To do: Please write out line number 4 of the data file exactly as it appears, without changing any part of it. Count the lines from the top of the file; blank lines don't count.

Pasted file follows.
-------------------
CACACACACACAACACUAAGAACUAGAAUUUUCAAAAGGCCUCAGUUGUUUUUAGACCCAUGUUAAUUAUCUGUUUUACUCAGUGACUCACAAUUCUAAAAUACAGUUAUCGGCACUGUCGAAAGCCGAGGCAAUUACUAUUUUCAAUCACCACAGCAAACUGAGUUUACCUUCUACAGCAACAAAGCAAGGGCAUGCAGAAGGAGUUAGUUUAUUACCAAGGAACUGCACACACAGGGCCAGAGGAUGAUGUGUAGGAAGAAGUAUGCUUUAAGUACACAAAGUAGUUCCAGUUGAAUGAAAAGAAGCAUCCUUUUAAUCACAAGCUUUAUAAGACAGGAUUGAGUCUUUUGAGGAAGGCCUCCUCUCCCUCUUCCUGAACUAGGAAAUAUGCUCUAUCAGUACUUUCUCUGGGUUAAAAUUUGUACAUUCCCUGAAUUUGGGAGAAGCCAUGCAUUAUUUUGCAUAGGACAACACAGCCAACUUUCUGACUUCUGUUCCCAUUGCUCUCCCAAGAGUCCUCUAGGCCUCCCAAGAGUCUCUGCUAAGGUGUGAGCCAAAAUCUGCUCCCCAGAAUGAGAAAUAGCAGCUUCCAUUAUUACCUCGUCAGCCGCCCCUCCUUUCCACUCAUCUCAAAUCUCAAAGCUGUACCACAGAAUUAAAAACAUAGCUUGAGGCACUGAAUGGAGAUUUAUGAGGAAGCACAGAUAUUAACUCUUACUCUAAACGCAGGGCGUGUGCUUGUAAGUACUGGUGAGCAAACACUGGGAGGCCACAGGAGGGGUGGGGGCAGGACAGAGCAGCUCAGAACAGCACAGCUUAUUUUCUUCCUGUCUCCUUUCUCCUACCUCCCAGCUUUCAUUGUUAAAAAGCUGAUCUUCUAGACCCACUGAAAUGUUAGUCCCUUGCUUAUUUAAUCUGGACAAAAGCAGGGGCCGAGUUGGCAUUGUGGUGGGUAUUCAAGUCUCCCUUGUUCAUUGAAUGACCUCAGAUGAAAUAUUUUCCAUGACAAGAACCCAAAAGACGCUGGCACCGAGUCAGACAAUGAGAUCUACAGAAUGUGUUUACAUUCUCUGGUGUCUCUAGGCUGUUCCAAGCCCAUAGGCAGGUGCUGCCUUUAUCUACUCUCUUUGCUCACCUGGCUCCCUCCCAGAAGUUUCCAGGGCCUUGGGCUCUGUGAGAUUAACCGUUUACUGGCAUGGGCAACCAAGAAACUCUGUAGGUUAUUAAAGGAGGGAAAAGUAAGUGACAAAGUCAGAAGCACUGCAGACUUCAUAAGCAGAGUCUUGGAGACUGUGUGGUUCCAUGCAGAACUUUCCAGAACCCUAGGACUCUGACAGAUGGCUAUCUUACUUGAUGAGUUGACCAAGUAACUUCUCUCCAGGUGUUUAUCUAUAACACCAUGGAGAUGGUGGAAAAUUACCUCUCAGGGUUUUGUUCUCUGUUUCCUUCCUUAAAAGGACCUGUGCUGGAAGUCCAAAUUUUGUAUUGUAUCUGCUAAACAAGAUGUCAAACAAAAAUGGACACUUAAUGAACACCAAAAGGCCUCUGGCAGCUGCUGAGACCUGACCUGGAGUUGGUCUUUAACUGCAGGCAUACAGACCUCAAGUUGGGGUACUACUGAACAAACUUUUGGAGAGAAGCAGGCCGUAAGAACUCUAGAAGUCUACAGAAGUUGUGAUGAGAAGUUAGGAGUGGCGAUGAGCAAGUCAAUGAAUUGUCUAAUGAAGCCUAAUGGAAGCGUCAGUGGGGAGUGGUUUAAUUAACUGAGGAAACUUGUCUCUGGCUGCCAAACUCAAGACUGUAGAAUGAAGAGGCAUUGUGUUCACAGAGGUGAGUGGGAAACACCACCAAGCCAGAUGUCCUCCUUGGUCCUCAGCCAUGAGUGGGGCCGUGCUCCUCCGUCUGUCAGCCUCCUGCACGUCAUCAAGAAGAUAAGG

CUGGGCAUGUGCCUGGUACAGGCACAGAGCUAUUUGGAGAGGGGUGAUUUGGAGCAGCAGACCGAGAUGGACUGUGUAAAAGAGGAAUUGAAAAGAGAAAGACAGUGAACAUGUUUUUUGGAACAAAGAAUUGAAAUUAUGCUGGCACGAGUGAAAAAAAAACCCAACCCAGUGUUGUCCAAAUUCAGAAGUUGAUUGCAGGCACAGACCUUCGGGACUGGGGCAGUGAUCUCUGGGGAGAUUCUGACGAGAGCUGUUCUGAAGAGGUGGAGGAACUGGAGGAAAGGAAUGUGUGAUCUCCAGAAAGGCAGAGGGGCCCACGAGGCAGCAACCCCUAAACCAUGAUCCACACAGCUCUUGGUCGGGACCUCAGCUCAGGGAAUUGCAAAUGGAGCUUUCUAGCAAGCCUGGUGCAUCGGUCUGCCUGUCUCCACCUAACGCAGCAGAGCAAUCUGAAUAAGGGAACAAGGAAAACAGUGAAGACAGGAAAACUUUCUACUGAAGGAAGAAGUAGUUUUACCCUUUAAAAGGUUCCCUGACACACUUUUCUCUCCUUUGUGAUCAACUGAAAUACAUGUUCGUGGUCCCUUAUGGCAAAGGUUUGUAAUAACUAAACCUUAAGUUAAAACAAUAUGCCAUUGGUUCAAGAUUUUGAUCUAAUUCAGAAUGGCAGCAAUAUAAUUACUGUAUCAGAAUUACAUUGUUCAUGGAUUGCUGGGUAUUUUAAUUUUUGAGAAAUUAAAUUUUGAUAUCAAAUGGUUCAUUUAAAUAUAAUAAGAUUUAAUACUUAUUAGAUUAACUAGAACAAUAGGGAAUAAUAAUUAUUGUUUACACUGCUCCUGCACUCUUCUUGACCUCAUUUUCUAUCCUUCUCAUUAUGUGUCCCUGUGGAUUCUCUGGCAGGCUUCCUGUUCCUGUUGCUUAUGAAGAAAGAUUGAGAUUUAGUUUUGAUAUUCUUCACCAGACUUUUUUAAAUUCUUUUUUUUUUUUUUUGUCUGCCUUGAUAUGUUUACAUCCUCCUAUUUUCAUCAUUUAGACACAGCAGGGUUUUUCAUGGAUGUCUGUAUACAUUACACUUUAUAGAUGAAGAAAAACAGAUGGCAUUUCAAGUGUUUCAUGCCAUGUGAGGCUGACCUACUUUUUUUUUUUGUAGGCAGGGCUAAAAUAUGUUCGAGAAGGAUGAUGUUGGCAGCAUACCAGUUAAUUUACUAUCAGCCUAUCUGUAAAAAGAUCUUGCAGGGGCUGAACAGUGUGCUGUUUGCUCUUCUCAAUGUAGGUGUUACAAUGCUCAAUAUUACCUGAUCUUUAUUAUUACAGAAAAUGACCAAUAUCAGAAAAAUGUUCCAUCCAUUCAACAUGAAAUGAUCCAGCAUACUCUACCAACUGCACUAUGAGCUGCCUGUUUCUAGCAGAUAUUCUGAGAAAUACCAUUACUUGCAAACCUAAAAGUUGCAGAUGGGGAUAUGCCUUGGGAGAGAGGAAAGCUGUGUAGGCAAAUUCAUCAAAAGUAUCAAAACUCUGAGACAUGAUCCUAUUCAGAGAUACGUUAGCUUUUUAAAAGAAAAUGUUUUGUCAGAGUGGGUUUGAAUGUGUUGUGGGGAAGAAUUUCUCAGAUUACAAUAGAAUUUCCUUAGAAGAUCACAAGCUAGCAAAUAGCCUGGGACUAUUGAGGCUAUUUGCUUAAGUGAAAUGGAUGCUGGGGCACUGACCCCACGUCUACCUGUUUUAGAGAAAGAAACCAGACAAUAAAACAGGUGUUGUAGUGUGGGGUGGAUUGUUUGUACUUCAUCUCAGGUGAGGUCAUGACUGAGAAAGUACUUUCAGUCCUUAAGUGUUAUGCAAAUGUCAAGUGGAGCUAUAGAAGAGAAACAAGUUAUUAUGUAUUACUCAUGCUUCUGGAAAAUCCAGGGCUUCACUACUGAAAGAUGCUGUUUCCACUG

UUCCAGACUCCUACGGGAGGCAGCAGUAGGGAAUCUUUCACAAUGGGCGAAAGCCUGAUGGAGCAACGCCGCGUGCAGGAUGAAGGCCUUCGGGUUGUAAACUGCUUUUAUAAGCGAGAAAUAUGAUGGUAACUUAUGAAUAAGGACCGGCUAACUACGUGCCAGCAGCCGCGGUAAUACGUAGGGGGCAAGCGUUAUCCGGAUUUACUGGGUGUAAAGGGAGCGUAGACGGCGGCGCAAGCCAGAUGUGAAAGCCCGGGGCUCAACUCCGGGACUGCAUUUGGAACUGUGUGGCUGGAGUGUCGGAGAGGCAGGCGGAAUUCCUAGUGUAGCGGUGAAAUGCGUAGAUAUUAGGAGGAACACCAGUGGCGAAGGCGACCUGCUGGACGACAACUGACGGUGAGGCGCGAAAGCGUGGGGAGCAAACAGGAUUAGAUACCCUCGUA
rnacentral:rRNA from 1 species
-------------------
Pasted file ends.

rnacentral:rRNA from 1 species